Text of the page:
Heathcliff Redux: A Novella and Stories

Image of Heathcliff Redux: A Novella and Stories
Release Date: 
February 4, 2020
Atlantic Monthly Press
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“All of the pieces in Heathcliff Redux possess moments of brilliance and reflect Lily Tuck’s tremendous craftmanship.”

Lily Tuck’s Heathcliff Redux is an engaging and clever homage to or contemporary riff on Emily Bronte’s Wuthering Heights. The novella, and title of the collection of short works, Heathcliff Redux is the most effective and well-written piece in in the volume, while the other four much shorter stories don’t really cohere and read more like sketches than well-formulated tales.

Narrated in the first-person, Heathcliff Redux is constructed as a series of short vignettes that comprise the tale of a married woman living in 1960s Virginia on a large horse ranch, who has an affair with the swarthy, bad boy Cliff. Contrary to her own instincts and although the narrator is warned by a friend that Cliff is “reckless and he’s an operator, he’s cheating on his wife and I wouldn’t trust him as far as I could throw him, he’d probably rob his own grandmother if he could, he’s nothing but trouble, mark my words. . . ,” she falls madly in love with him. Needless to say, her marriage and the affair don’t end particularly well.

While the narrative is mostly linear, Lily Tuck intersperses excerpts from Wuthering Heights and commentaries on Emily Bronte, recipes, and asides that relate to and parallel the narrator’s relationship with Cliff. For instance,  a section in which the narrator recounts her dream, is followed and mirrored by a “chapter” or quotation from Wuthering Heights: ”’I’ve dreamt in my life dreams that have stayed with me ever after, and changed my ideas; they’ve gone through and through me, like wine through water, and altered the colour of my mind,’ Catherine Earnshaw tells Nelly.’”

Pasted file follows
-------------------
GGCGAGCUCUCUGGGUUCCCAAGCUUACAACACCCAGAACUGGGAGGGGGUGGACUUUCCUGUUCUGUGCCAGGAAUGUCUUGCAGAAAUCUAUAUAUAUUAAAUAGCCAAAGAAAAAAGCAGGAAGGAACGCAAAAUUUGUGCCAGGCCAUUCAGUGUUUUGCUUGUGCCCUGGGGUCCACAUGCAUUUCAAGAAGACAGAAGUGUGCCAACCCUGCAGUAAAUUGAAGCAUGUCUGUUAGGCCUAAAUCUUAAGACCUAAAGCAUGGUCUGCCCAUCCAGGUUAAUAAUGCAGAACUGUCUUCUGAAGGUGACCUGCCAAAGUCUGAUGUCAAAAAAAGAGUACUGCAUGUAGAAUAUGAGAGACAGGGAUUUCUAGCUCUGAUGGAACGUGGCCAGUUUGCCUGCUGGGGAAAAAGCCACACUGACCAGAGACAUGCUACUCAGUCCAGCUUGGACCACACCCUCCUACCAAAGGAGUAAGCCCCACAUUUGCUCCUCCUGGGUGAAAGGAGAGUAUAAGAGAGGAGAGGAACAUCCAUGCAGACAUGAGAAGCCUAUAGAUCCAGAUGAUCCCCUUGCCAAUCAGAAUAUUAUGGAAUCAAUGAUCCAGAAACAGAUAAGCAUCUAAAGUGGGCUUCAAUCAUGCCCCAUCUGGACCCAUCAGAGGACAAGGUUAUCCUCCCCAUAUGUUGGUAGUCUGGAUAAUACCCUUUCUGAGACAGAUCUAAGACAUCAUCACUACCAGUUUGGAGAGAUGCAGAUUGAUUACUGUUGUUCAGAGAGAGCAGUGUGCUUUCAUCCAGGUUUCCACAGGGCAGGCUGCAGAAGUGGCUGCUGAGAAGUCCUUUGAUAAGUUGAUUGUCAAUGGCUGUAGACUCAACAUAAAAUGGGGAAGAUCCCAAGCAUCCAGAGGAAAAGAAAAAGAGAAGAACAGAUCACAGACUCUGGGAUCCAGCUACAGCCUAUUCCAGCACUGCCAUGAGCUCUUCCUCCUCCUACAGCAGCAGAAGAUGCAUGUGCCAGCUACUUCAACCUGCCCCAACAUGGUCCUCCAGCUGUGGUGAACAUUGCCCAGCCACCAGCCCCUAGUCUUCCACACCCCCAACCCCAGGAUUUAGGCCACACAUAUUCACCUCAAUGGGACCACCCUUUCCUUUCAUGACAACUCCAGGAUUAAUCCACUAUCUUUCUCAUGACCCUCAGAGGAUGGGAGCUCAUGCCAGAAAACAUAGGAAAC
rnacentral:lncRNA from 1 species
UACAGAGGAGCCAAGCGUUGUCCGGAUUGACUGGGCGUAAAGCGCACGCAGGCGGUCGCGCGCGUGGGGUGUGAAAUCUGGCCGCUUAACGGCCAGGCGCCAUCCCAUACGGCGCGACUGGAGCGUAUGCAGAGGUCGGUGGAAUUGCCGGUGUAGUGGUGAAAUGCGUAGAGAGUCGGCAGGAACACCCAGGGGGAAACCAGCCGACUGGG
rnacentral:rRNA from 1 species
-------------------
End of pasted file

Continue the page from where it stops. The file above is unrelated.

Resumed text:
Heathcliff Redux is deliberately and well crafted. The narrative is conversational in tone and while mostly linear, wanders off into a sort of stream of consciousness. The narrator’s musings and asides work because they contribute to rounding out her character; they show her as a well-read, observant, more multifaceted character than either her husband Charlie or her lover Cliff.

The four short stories in the collection share some of the stylistic devices as the novella but are not as well designed or developed. “Labyrinth Two,” a homage to a story by Roberto Bolano, who was inspired by a photograph of people sitting around a table at a café, is also reminiscent of many a Raymond Carver and Ernest Hemingway story or even a piece from a society magazine. The other three very short stories, “The Dead Swan,” “Carl Schurz Park,” and “A Natural State” were all haunting and interesting but seemed more like drafts or studies for potentially great stories.

All of the pieces in Heathcliff Redux possess moments of brilliance and reflect Lily Tuck’s tremendous craftmanship. However, the four short stories don’t add much to the book and don’t really fit. The novella Heathcliff Redux is able to stand proudly on its own.